We talk about how she uses the documentary in her classes to teach the students about heritage and some of the instructional strategies she uses.  It gives me an idea of how to use the same series in a couple of months when I start my genetics unit with the 8th graders. She high fives me and we laugh some more about how great Gates is.

Mrs. R. (very Hispanic with her adorable little self) gets up from the table, comes around and gives me a hug, thanks me for my help, tells me that when she gets a copy of the series, she will share it with me, winks and leaves. The conversation at the table shifts to “black history month projects”.  They better not ask me a damned thing. I dare them. Later that day, the school secretary, also Hispanic, stops me in the office and laughs. Turns out she was sitting in a corner of the lounge during our conversation.

You two are a mess!  Keep up the good work.  Teachers need teaching too!

Sigh. I’m sure I’ll get stopped at least 2 more times before the end of the month about something or another that I only know (why the hell don’t YOU know it) about Blacks in America.  At least one other black teacher is beginning to grumble about it also.  We just keep smiling and recognize our opportunity to teach an adult something they really don’t want to learn.  Payback is a mutha, huh?

Black History Month, ladies and gentlemen, isn’t about being black in America, its about being American and the contributions of ALL Americans to our culture.  Some of this includes how we came to be here and every other place on the planet, same as any other race or culture.  It also includes recent, current and future accomplishments of people of color, the very people we are teaching in our classrooms.  Teachers in particular, MUST stop being insular about “history”.  This is not to say that I, personally, know all there is to know about white people in America, but I do know what you’ve chosen to force down my throat.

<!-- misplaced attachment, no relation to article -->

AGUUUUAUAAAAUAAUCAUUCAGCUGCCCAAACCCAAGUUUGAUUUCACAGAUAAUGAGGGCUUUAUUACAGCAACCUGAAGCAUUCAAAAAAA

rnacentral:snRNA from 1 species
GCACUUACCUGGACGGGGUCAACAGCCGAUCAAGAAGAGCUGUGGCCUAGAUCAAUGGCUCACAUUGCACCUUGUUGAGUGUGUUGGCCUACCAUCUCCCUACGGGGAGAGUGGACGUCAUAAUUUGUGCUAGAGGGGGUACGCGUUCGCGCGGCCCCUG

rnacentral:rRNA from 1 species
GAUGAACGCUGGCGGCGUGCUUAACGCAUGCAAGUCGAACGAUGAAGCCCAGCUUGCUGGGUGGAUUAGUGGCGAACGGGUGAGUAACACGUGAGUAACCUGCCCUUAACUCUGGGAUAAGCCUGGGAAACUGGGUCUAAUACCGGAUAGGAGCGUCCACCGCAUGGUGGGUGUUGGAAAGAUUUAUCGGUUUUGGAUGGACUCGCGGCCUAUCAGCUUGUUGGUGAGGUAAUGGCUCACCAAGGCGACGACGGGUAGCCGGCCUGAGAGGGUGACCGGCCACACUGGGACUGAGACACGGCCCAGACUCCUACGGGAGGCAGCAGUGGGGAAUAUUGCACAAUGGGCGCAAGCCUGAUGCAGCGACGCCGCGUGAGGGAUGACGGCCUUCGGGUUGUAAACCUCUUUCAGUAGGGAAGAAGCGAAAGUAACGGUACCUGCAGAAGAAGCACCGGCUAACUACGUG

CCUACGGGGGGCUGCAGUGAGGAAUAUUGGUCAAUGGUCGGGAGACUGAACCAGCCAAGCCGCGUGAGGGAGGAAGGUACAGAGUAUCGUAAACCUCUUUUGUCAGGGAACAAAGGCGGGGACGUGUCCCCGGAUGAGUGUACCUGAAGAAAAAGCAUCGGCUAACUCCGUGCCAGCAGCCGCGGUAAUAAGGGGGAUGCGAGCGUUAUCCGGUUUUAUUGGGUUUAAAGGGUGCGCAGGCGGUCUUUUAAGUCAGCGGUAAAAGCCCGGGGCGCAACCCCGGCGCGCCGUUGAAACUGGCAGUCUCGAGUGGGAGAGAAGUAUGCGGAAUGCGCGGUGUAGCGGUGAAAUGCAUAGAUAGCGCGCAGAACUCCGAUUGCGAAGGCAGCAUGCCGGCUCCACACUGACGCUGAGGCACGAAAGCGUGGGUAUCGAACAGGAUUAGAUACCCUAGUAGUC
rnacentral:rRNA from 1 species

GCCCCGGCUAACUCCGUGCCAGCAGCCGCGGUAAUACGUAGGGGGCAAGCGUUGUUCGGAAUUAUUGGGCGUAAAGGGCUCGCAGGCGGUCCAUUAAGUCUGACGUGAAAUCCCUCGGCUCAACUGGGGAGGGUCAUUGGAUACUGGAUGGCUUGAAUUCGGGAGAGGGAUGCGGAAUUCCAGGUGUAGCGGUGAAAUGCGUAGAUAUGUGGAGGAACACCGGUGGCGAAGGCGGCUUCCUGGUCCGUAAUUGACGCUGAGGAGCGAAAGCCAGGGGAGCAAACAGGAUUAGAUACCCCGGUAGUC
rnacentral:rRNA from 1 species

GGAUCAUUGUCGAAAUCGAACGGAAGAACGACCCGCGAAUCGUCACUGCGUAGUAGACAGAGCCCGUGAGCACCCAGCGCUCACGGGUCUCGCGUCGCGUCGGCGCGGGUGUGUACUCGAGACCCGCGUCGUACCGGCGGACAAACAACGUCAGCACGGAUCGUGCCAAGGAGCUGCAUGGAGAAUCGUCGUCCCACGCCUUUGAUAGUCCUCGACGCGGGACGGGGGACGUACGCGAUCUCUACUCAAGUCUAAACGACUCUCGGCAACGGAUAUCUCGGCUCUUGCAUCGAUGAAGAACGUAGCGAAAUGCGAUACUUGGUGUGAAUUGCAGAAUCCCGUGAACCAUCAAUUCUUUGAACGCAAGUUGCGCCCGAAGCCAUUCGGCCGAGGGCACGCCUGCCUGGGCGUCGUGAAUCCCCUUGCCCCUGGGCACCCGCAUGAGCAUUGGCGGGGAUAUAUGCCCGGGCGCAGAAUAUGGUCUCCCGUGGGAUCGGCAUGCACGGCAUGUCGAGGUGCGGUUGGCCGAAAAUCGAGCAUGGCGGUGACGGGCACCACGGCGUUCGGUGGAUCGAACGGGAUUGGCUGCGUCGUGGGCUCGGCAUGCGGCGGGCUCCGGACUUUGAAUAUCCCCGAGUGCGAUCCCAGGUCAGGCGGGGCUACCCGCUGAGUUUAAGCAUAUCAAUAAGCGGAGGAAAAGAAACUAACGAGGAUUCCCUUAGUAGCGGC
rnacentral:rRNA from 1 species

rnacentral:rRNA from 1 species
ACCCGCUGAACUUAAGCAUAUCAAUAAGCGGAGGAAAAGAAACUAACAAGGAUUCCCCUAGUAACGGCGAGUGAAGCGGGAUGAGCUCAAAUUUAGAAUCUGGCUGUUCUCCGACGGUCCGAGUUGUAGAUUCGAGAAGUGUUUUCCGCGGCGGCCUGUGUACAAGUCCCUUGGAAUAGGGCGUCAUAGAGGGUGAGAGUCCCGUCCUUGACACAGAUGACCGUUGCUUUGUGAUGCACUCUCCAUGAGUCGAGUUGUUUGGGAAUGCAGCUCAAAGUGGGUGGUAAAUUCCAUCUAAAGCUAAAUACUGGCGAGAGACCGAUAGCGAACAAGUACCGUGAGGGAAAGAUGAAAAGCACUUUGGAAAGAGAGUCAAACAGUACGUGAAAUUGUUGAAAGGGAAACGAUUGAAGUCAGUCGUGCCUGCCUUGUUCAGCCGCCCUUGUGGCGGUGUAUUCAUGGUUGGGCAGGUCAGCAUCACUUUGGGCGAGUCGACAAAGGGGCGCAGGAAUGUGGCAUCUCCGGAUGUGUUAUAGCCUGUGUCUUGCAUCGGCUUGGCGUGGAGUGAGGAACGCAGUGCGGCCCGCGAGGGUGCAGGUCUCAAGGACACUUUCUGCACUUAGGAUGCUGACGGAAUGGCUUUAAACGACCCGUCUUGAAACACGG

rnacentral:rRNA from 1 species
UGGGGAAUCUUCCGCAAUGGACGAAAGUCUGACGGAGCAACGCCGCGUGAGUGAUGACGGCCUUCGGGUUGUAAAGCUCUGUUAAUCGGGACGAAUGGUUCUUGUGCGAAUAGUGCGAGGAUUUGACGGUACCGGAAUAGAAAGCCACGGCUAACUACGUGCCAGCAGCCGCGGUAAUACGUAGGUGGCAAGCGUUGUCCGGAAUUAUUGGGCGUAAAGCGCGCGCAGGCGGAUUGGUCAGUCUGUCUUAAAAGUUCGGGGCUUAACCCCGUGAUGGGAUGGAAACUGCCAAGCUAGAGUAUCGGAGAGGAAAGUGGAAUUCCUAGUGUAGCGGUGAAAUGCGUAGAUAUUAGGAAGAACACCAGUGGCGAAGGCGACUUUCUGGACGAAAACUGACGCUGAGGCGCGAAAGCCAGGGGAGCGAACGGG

Non whites aren’t going away.  Our history isn’t static and “over there somewhere” while whites were doing “something over here”.  Guess what, we know our history AND YOURS, better than you do.  We have to, because unlike you, we aren’t particularly interested in repeating most of it. 

There’s more to Black history than the ancient heroes.  We love them, we have what we have because of them, but, to confine who we are and what we represent as a people to one month, is tiresome.  Mr. Woodson would agree that its time to acknowledge contributions, old and new, on a daily basis.  (You DO know who Carter G. Woodson was, right?) May I suggest Tom Joyner’s website, Black America Web, and his “Little Known Black History Facts“presented DAILY.. . (you know who Tom Joyner is, right?) (sigh)

Speaking of ignorance of history: I’ve watched the opening ceremonies of the Winter Olympics and realized, I don’t know a damned thing about the early history of Russia.  I’ll be remedying that issue soon.

See how easy that is?